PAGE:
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Go - Functions

The function is the basic block of code used to perform a task.

The Go language has at least one main() function.

You can use functions to divide different functions, logically each function performs a specified task.

The function declaration tells the name, return type, and argument of the compiler function.

The

Go Language Standard Library provides a variety of built-in functions that can be used. For example, the len() function can accept different types of arguments and return the length of the type. Returns the length of the string if we pass in a string, and returns the number of elements contained in the array if an array is passed.


function definition

The

Go language function definition format is as follows:

func function_name( [argument list] ) [ Return_types] {
   Function body
}

Function definition parsing:

  • func: The function is declared by func
  • function_name: The function name, function name and argument list together form the function signature.
  • argument list: A list of arguments. A argument is like a placeholder. When a function is called, you can pass the value to the argument. This value is called the actual argument. The argument list specifies the argument type, order, and number of arguments. The argument is optional, which means that the function can also contain no arguments.
  • return_types: return type, the function returns a list of values. Return_types is the data type of the column value. Some features do not require a return value, in which case return_types is not required.
  • Function body: A collection of code defined by a function.

The following example is the code for the max() function, which passes in two integer arguments num1 and num2 and returns the maximum of these two arguments:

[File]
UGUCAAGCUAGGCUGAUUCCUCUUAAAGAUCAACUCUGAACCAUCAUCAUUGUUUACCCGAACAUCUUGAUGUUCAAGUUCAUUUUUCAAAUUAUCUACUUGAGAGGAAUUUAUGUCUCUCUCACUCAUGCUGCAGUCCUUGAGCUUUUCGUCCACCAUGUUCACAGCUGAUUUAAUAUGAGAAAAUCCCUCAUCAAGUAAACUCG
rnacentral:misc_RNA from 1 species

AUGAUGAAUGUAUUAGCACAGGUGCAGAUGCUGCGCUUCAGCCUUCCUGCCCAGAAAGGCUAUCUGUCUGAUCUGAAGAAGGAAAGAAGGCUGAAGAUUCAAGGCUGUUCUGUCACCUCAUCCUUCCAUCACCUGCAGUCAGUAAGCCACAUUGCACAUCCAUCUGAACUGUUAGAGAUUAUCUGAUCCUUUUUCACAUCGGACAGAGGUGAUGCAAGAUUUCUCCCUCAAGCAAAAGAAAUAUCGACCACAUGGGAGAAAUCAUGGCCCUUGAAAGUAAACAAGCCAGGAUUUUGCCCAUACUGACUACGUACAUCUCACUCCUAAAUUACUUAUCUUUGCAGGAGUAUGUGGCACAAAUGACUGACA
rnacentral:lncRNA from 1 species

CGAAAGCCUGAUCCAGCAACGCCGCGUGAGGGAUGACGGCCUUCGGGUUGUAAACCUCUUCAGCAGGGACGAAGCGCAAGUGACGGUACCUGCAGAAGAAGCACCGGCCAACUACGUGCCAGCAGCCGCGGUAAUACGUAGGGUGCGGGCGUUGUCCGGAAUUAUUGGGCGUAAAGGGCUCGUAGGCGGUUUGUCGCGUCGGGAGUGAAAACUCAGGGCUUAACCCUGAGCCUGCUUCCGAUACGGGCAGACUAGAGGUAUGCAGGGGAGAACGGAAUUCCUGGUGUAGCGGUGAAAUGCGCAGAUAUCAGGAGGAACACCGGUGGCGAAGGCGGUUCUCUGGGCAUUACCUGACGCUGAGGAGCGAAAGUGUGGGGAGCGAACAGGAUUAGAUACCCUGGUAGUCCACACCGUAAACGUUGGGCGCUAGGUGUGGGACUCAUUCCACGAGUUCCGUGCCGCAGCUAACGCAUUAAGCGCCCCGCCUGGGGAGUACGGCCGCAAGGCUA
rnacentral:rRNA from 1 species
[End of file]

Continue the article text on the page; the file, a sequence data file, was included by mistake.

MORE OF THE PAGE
example

/* The function returns the maximum of two numbers */
func max(num1, num2 int) int {
   /* Declare local variables */
   var result int

   if (num1 > num2) {
      result = num1
   } else {
      result = num2
   }
   return result
}

Function call

When you create a function, you define what the function needs to do, by calling the function to perform the specified task.

Call the function, pass arguments to the function, and return a value, for example:

example

package main

import "fmt"

func main() {
   /* Defining local variables */
   var a int = 100
   var b int = 200
   var ret int

   /* Call the function and return the maximum value */
   ret = max(a, b)

   fmt.Printf( "The maximum is : %d\n", ret )
}

/* The function returns the maximum of two numbers */
func max(num1, num2 int) int {
   /* Defining local variables */
   var result int

   if (num1 > num2) {
      result = num1
   } else {
      result = num2
   }
   return result
}

The above example calls the max() function in the main() function, and the result is:

Maximum is :< /span> 200

function returns multiple values

The

Go function can return multiple values, for example:

example

package main

import "fmt"

func swap(x, y string) (string, string) {
   return y, x
}

func main() {
   a, b := swap("Google", "welookups")
   fmt.Println(a, b)
}

The above example execution result is:

Function Arguments

A function can be called a formal argument of a function if it uses a argument.

A formal argument is like a local variable defined in the body of a function.

The calling function can pass arguments in two ways:

Sr.No Call Type & Description
1 Call by using value

Value passing means passing a copy of the actual argument to the function when the function is called, so that if the argument is modified in the function, it will not affect the actual argument.

2 Call by using reference

Reference passing refers to passing the address of the actual argument to the function when the function is called. Then the modification of the argument in the function will affect the actual argument.

By default, the Go language uses value passing, which means that the actual arguments are not affected during the call.

Function Usage

A function may be used inside the following ways:

Sr.No Function Usage & Description
1 Function as Value

The function can be passed as a real argument to another function.

2 Function Closures

Closures are anonymous functions that can be used in dynamic programming

3 Method

The method is a function that contains the recipient